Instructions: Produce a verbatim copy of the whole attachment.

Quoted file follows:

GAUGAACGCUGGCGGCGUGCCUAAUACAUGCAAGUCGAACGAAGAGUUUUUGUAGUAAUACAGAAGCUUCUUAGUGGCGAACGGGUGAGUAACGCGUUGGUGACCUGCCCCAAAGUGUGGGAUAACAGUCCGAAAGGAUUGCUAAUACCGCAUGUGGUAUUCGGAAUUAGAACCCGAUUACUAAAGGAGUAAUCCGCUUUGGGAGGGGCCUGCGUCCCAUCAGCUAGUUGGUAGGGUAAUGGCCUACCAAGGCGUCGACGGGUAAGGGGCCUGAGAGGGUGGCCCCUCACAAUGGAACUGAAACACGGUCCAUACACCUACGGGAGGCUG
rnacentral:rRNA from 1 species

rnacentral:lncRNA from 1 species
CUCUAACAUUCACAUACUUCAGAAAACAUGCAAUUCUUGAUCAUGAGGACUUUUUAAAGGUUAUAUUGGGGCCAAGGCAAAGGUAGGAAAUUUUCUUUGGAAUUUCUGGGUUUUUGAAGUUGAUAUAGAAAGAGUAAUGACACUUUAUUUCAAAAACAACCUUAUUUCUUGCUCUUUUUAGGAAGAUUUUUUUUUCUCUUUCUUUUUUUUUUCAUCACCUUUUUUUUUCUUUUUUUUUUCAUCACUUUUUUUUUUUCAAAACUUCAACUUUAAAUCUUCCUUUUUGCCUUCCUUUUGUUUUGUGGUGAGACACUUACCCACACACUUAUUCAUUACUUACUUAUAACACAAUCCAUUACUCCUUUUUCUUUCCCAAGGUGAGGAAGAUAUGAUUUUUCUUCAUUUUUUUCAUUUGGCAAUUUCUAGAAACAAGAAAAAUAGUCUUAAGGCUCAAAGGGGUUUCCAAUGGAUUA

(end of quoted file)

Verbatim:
GAUGAACGCUGGCGGCGUGCCUAAUACAUGCAAGUCGAACGAAGAGUUUUUGUAGUAAUACAGAAGCUUCUUAGUGGCGAACGGGUGAGUAACGCGUUGGUGACCUGCCCCAAAGUGUGGGAUAACAGUCCGAAAGGAUUGCUAAUACCGCAUGUGGUAUUCGGAAUUAGAACCCGAUUACUAAAGGAGUAAUCCGCUUUGGGAGGGGCCUGCGUCCCAUCAGCUAGUUGGUAGGGUAAUGGCCUACCAAGGCGUCGACGGGUAAGGGGCCUGAGAGGGUGGCCCCUCACAAUGGAACUGAAACACGGUCCAUACACCUACGGGAGGCUG
rnacentral:rRNA from 1 species

rnacentral:lncRNA from 1 species
CUCUAACAUUCACAUACUUCAGAAAACAUGCAAUUCUUGAUCAUGAGGACUUUUUAAAGGUUAUAUUGGGGCCAAGGCAAAGGUAGGAAAUUUUCUUUGGAAUUUCUGGGUUUUUGAAGUUGAUAUAGAAAGAGUAAUGACACUUUAUUUCAAAAACAACCUUAUUUCUUGCUCUUUUUAGGAAGAUUUUUUUUUCUCUUUCUUUUUUUUUUCAUCACCUUUUUUUUUCUUUUUUUUUUCAUCACUUUUUUUUUUUCAAAACUUCAACUUUAAAUCUUCCUUUUUGCCUUCCUUUUGUUUUGUGGUGAGACACUUACCCACACACUUAUUCAUUACUUACUUAUAACACAAUCCAUUACUCCUUUUUCUUUCCCAAGGUGAGGAAGAUAUGAUUUUUCUUCAUUUUUUUCAUUUGGCAAUUUCUAGAAACAAGAAAAAUAGUCUUAAGGCUCAAAGGGGUUUCCAAUGGAUUA